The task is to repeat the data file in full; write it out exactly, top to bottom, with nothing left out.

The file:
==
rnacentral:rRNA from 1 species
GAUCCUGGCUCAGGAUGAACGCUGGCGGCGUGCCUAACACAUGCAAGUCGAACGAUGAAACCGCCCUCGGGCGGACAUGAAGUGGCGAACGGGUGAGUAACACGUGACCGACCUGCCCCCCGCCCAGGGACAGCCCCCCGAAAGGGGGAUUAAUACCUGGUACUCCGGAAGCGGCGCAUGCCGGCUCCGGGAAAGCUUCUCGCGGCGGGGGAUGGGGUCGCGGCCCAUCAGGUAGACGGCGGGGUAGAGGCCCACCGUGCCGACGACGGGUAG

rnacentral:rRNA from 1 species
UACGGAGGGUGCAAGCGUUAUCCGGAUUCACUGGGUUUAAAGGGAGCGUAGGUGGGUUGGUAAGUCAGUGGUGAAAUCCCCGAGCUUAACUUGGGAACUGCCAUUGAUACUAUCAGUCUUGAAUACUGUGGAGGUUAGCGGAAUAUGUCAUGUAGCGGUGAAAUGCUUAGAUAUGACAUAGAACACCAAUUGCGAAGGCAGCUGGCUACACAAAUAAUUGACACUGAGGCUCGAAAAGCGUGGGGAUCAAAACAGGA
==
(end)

rnacentral:rRNA from 1 species
GAUCCUGGCUCAGGAUGAACGCUGGCGGCGUGCCUAACACAUGCAAGUCGAACGAUGAAACCGCCCUCGGGCGGACAUGAAGUGGCGAACGGGUGAGUAACACGUGACCGACCUGCCCCCCGCCCAGGGACAGCCCCCCGAAAGGGGGAUUAAUACCUGGUACUCCGGAAGCGGCGCAUGCCGGCUCCGGGAAAGCUUCUCGCGGCGGGGGAUGGGGUCGCGGCCCAUCAGGUAGACGGCGGGGUAGAGGCCCACCGUGCCGACGACGGGUAG

rnacentral:rRNA from 1 species
UACGGAGGGUGCAAGCGUUAUCCGGAUUCACUGGGUUUAAAGGGAGCGUAGGUGGGUUGGUAAGUCAGUGGUGAAAUCCCCGAGCUUAACUUGGGAACUGCCAUUGAUACUAUCAGUCUUGAAUACUGUGGAGGUUAGCGGAAUAUGUCAUGUAGCGGUGAAAUGCUUAGAUAUGACAUAGAACACCAAUUGCGAAGGCAGCUGGCUACACAAAUAAUUGACACUGAGGCUCGAAAAGCGUGGGGAUCAAAACAGGA